# Thread: Are there an infinite number of solutions to y^2 = x^2 mod n for all composite n?

1. ## Are there an infinite number of solutions to y^2 = x^2 mod n for all composite n?

Just curious if there is a proof of whether or not this is true. It seems to be assumed that solutions exist, and I presume people also understand that there are more than a few solutions for all composite n, hence the quadratic sieve and other methods of factorization which essentially solve this congruence. However, I haven't run across any proofs about the existence of solutions or how many solutions potentially exist. Thanks!

2. Originally Posted by poserp
Just curious if there is a proof of whether or not this is true. It seems to be assumed that solutions exist, and I presume people also understand that there are more than a few solutions for all composite n, hence the quadratic sieve and other methods of factorization which essentially solve this congruence. However, I haven't run across any proofs about the existence of solutions or how many solutions potentially exist. Thanks!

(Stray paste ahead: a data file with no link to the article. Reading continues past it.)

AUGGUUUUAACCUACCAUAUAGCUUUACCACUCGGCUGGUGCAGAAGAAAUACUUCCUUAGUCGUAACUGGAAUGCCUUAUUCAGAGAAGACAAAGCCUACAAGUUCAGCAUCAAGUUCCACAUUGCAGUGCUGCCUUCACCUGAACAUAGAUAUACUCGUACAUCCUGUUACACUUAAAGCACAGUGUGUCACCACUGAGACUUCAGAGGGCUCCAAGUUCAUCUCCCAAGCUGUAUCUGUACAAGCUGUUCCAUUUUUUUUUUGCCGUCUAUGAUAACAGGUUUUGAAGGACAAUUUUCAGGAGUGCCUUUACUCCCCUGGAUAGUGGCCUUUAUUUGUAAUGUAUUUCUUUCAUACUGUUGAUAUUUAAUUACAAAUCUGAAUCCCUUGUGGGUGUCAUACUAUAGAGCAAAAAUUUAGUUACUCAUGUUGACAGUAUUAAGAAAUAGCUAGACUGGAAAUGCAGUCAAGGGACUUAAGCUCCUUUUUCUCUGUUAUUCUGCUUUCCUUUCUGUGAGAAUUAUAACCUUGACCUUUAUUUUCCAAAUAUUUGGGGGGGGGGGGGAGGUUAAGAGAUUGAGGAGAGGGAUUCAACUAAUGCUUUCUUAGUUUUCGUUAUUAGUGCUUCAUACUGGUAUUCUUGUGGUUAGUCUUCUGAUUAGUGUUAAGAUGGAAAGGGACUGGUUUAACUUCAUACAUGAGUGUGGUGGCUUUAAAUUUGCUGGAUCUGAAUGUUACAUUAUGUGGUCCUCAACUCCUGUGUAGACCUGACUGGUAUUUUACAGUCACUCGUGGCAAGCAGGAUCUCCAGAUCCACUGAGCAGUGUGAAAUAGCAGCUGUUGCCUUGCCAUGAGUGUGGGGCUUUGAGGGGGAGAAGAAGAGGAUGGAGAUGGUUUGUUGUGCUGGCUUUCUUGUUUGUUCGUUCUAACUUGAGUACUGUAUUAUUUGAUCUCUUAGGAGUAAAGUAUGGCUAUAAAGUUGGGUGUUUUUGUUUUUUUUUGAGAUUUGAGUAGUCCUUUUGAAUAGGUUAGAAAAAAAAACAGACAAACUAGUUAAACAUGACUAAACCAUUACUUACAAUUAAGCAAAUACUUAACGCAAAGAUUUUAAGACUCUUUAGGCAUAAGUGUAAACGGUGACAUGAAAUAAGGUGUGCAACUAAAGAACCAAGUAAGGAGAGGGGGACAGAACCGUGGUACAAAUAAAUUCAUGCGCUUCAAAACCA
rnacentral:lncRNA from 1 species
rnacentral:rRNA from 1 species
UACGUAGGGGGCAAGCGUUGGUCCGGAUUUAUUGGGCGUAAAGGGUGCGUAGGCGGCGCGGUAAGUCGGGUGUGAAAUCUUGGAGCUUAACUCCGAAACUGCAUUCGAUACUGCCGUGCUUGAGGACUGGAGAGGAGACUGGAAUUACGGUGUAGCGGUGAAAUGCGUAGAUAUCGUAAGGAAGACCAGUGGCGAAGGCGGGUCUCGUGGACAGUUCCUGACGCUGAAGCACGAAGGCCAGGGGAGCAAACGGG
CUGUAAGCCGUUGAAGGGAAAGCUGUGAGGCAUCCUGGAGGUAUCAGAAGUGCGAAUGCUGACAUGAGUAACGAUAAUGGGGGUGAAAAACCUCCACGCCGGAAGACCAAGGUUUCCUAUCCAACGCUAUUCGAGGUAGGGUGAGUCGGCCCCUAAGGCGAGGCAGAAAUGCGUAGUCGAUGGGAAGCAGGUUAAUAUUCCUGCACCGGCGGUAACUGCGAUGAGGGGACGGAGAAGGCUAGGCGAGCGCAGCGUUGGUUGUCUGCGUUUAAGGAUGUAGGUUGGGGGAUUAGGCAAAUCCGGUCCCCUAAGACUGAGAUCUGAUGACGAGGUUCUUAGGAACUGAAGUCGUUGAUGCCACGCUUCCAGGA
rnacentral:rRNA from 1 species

It depends how you define solution. You can just choose $x=y=1,2,3,...$ and that would work. But you probably want solutions up to congruence mod n. In that case there are finitely many solutions.

3. Good point -- in this case x is not equal to y and n is a composite not of the form 2*p, where p is prime. So there are only a finite number of solutions?

4. Originally Posted by poserp
Good point -- in this case x is not equal to y and n is a composite not of the form 2*p, where p is prime. So there are only a finite number of solutions?
Again if you want solutions up to congruence then yes, it must be finite.
But if $(x,y)$ is a solution then $(x,y+n)$ is a solution, and $(x,y+2n)$, $(x,y+3n)$ are solutions. And so on. You can generate more and more. They are just all the same up to congruence.

5. Oh yea, duh... You can have an infinite number of solutions to x^2 = y^2 + n, but computed modulo n each of those solutions will be less than n.

edit: I mean, there are an infinite number of solutions to x^2 = y^2 + c*n.